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  • Voting has started for the Podcastle Flash Fiction contest. Anyone who has made at least one post should be able to see the stories down in the Arcade.

    New groups are posted every two days through the end of April.

News

Voting has started for the Podcastle Flash Fiction contest. Anyone who has made at least one post should be able to see the stories down in the Arcade.

New groups are posted every two days through the end of April.

Author Topic: EP763: No Spaceship Go  (Read 526 times)

divs

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on: December 19, 2020, 07:45:29 PM
Escape Pod 763: No Spaceship Go

Author: Annie Bellet
Narrator: Andrew K. Hoe
Host: Tina Connolly
Audio Producer: Adam Pracht

No Spaceship Go was originally published in Dailysciencefiction.com in November 2010.

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The boys lay on their backs side by side staring up through the open roof of the abandoned building. Dylan clutched Meek’s hand in anticipation as the ground shook and a roar filled the air. Tiny pebbles danced up from the ground around them and dust ran like water off the crumbling walls.

“Ten… nine… eight… seven… six… five,” Dylan whispered, “four… three… two… one.”

The shaking increased and he had to release Meek’s hand to shade his eyes. Smoke billowed up into the air, a streak of fire ahead of it. Then the true sonic blast of the rocketship hit them in a wave as the boys squinted to make out the ship speeding through the atmosphere. It sounded like the crackling of a hundred fires, or perhaps the blast of the biggest blowtorch Dylan could imagine.

Meek whooped and crawled to his knees, staring up into the sky.

“Do you think that’s the one we’ll be on someday?” he asked Dylan.

Dylan rolled to his side and propped himself up on one arm. Dust had accumulated on Meek’s round, tan cheeks and Dylan fought the urge to wipe it away.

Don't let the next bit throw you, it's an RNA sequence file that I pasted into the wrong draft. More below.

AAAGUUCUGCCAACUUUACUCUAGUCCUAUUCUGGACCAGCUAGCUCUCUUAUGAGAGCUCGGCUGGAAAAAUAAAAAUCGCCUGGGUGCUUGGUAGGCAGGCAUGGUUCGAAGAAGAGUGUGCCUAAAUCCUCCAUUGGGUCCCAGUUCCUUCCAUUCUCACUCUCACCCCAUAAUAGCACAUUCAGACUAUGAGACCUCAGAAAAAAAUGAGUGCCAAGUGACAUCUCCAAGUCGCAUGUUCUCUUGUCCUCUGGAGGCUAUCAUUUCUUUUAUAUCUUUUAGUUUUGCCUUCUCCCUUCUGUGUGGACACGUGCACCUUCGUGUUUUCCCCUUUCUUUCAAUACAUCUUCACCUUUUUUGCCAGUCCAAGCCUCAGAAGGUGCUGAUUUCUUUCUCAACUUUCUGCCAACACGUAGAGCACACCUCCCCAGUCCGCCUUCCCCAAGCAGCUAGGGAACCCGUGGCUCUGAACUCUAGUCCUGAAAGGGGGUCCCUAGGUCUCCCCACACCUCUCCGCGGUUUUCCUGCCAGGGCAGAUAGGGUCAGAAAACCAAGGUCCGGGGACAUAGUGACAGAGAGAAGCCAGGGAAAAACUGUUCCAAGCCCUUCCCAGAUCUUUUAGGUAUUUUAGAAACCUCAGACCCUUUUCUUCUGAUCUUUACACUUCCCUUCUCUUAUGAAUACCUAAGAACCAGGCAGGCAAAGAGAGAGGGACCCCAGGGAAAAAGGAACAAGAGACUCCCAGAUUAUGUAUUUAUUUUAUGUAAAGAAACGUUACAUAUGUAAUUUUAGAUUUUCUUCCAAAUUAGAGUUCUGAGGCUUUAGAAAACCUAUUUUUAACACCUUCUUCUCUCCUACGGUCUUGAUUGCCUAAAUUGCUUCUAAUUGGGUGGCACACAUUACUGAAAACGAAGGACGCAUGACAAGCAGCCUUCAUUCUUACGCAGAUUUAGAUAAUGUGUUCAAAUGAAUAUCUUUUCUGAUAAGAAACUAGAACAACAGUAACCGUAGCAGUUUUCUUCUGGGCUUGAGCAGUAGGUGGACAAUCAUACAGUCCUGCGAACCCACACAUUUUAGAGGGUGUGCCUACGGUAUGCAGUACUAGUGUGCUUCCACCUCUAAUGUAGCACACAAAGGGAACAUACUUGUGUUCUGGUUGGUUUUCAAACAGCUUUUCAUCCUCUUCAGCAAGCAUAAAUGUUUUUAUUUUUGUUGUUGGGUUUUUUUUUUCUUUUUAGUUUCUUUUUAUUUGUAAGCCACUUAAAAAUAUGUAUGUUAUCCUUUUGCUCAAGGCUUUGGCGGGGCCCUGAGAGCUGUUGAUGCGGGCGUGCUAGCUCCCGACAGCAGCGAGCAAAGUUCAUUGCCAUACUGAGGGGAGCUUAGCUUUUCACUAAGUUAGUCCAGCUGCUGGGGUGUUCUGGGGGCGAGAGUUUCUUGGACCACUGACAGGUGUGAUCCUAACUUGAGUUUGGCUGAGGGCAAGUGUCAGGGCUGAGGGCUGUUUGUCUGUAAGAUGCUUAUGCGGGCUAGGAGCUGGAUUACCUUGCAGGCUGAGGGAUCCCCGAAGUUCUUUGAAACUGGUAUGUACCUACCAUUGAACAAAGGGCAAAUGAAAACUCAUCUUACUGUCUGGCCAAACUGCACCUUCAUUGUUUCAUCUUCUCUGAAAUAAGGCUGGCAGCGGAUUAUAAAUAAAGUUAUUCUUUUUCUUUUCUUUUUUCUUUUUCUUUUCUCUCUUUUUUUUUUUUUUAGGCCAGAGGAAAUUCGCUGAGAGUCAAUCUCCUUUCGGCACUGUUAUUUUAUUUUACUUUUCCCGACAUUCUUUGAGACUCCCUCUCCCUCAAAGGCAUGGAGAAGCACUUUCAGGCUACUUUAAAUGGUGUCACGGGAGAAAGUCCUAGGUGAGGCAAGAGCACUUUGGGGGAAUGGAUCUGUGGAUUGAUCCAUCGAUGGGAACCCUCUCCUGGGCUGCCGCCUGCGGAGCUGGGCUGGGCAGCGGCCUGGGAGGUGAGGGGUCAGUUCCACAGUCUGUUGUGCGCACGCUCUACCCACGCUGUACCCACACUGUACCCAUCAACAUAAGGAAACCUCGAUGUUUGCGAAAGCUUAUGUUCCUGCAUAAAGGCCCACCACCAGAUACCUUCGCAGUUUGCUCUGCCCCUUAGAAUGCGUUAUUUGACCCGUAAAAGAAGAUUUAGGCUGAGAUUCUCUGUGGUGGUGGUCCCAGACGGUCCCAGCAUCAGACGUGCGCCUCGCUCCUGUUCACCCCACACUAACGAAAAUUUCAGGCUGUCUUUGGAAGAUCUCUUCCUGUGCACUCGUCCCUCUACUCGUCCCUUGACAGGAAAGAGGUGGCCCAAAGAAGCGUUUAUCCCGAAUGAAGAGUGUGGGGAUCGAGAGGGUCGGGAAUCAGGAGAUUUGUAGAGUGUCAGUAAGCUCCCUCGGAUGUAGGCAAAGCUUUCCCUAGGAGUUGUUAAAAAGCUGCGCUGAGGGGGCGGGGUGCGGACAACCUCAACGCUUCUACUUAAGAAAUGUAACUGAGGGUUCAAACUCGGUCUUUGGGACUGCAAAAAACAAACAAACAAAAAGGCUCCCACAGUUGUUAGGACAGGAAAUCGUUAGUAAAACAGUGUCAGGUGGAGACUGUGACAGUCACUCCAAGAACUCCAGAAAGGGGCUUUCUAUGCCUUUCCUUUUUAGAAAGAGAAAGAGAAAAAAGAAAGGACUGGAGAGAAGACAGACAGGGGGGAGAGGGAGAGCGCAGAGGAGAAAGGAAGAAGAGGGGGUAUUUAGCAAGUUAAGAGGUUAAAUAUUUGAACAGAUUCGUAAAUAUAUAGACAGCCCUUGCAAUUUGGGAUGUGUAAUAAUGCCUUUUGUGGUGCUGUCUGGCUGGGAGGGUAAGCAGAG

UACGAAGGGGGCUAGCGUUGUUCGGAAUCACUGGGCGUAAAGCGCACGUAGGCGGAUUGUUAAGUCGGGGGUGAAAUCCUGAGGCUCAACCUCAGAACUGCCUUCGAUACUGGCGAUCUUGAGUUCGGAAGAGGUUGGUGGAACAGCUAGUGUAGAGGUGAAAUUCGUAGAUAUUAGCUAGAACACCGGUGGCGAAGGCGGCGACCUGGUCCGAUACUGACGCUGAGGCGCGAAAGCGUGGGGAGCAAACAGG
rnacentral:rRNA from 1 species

“Nah, by the time we’ve saved enough to get our home on Elle Four, the ships’ll all be new I bet. We’ll ride on a superfast one for sure.”

“I want to grow peppers.” Meek smiled up at Dylan, his crooked teeth warping the line of his chapped lips.

“What kind of peppers?” Dylan grinned back. They’d had variations of this conversation before and Dylan didn’t pay much attention to Meek as the boy launched into his usual daydream about gardens and pepper plants.

Dylan daydreamed about something else entirely as he fixated on Meek’s lips, his eyes drifting to the dimple in his friend’s left cheek. He didn’t notice at first that Meek had stopped talking and instead stared up at him with those dark, nearly pupil-less eyes.

“Oh, hmm? I’m sorry.” Dylan murmured.

“Pebble for your thoughts?” Meek smiled again.




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Álex Souza

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Reply #1 on: January 10, 2021, 03:16:48 AM
This story didn't work for me I'm afraid.

There's a lack of conflict in the beginning of the story. Everything goes smoothly, there are no obstacles, just exposition. The actual conflict just starts practically at the midpoint.

MC's parents are very bland. I liked to see that they were Korean, but that doesn't affect the story. The story tells about United Korea, but it also doesn't add to the plot. I didn't see the point.

In fact, both families are stereotypical: the Asian parents are harsh and intelligent, whereas the hispanics are poor and have a lot of kids that don't have enough to eat.

I had a hard time sympathizing with the characters. I just didn't get invested. Everything feels so... emotionless. I couldn't grasp any feelings among the writing. There's a part when MC just bursts, "I hate both of you. Why are you trying to ruin my life?". It felt so off that made me cringe.

It's just so weird that they are sixteen. They behave and talk like little kids. I thought they were eight, or ten, tops, until MC's mother said their age. I'm still wondering why they are so childish.

The reason why the mother didn't want Dylan to date a Jewish girl is a mystery to me.

I liked the ending though. I like how simple it is. It is great in its simplicity. But a story isn't made just by its ending.

I just wanna go pro before AI takes over and the bot dogs from Boston Dynamics kill us all.